You should also set your expectations as well as those of your students and their families. Make sure to always include the student's input and needs first. Work with the student and the family together to come up with a plan to help them transition into adulthood.

Additional Life Skills Resources you Will Enjoy

The Mega Bundle of Functional Life Skills Resources for Teens and Adults

Independent Functioning IEP Goals: Examples and Templates to Save You Time

Life Skill Goals for Teaching Independence

The Best Functional Life Skills Resources for Autistic Individuals

vocational goals
Independent Functioning IEP Goals: Examples and Templates to Save You Time

Independent Functioning IEP Goals: Examples and Templates to Save You Time

In this post you will learn about independent functioning IEP goals and how you can write them to save you time.

Independent living is one of the major outcomes of an IEP. So, preparing for it should ideally start from earlier education levels and working on these skills throughout their education.

That said, independent functioning IEP goals might look different for different students, depending on the student’s abilities, age, and what their caretakers are focused on. 

Working with the school district and the student’s guardians should help you choose what independent functioning skills to add to your IEP goals. So here are some examples with various goals to help you and save you time.

Templates for IEP Goals

If your school district doesn’t specify a template for IEP goals, it could get a bit challenging to find one that’s both versatile and all-encompassing. Here are a couple I found helpful that include most parameters you should include in your goal development:

  • By (insert date), given (number & type of) prompts, (the student) will (accomplish goal), in (number/percentage of) trials over (number of) consecutive (days, weeks, or months) as measured by (testing methodology).
  • Given (accommodations, prompts), (the student) will (accomplish goal) in (conditions, setting), (to what extent) by (a certain date) as evaluated by (evaluation methodology).
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Examples of Independent Functioning IEP Goals

The skills needed to live and function independently are widely varied and include many subcategories. For the sake of being thorough, I’ve divided them into goal clusters that should cover most bases and give you ideas to add more goals as you see fit.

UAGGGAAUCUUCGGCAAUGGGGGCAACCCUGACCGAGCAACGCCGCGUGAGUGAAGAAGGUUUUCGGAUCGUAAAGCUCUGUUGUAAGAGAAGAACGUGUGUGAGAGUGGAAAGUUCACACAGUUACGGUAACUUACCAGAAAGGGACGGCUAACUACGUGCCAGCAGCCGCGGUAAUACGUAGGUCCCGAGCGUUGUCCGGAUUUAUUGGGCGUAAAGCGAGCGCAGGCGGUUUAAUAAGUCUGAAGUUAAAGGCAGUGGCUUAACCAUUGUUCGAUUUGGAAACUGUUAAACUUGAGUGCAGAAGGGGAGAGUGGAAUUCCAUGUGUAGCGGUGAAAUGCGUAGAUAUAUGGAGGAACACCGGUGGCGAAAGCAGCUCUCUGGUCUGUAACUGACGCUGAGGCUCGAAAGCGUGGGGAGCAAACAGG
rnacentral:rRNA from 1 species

Independent Functioning IEP Goals: Nutrition Goals

  1. Hold and use a utensil correctly.
  2. Put an appropriate bite of food on the utensil and eat it.
  3. Chew the food adequately with the mouth closed.
  4. Try new flavor combinations.
  5. Wait for the food to cool and take small bites.
  6. Identify different food courses and savory/sweet foods that go in each one.
  7. Clear the table at home and put used plates and utensils in the sink.
  8. Wash hands before and after eating.
  9. Pack away leftover food before refrigerating.
  10. Pass around food and utensils at large gatherings.

Independent Functioning IEP Goals: Hygiene and Grooming Goals

  1. Correctly identify body parts (by pointing at them).
  2. Identify tools for personal hygiene (hairbrush, toothbrush, soap, tap, bath, washcloth)
  3. Wash the face every morning.
  4. Brush teeth after every meal.
  5. Swish water or mouthwash without swallowing.
  6. Floss teeth (with regular floss or floss pick).
  7. Differentiate between hygiene products and household cleaning products.
  8. Use the bathtub to clean the body.
  9. Brush and style hair (curl, straighten, or use styling products)
  10. Apply deodorant thoroughly (roll-on or stick)
  11. Ask to use the restroom when needed and reply yes/no when asked.
  12. Follow a restroom use routine.
  13. Identify the correct restroom stall.
  14. Close the stall door.
  15. Adjust clothing before and after restroom use.
  16. Use toilet paper correctly.
  17. Flush the toilet correctly.
  18. Wash hands after using the toilet.

For more personal hygiene strategies, click here.

Independent Functioning IEP Goals: Dressing Goals

  1. Identify the correct orientation of clothing (front, back, inside, and out).
  2. Learn how to put on underwear (boxers, briefs, bras, and undershirts).
  3. Learn how to put different tops on and off (T-shirts, shirts, and jackets).
  4. Learn how different bottoms go on and off (jeans, pants, and sweatpants).
  5. Learn how different shoes are fastened (velcro, tie, and slip-on).
  6. Identify season-appropriate clothing and how to tell the weather outside.
  7. Identify the correct personal clothing and shoe size when shopping. 
  8. Learn about accessories.
  9. Loop belts through pants and buckle them.
  10. Choose handbags or purses.
  11. Pick out jewelry (earrings, rings, bracelets, and necklaces).
  12. Learn how to take off accessories and store them after wear.
  13. Dress oneself fully.
  14. Learn about dressing for an occasion (work, dinner, a casual get-together, etc.).
  15. Choose an outfit independently.
  16. Change into the correct outfit when it’s time to go out.

For more dressing strategies, click here.

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Independent Functioning IEP Goals: Safety Goals

  1. Identify edible and inedible items around the house.
  2. Identify choking hazards in edible foods.
  3. Identify hazardous items around the house (sharp knives, hot iron, etc.).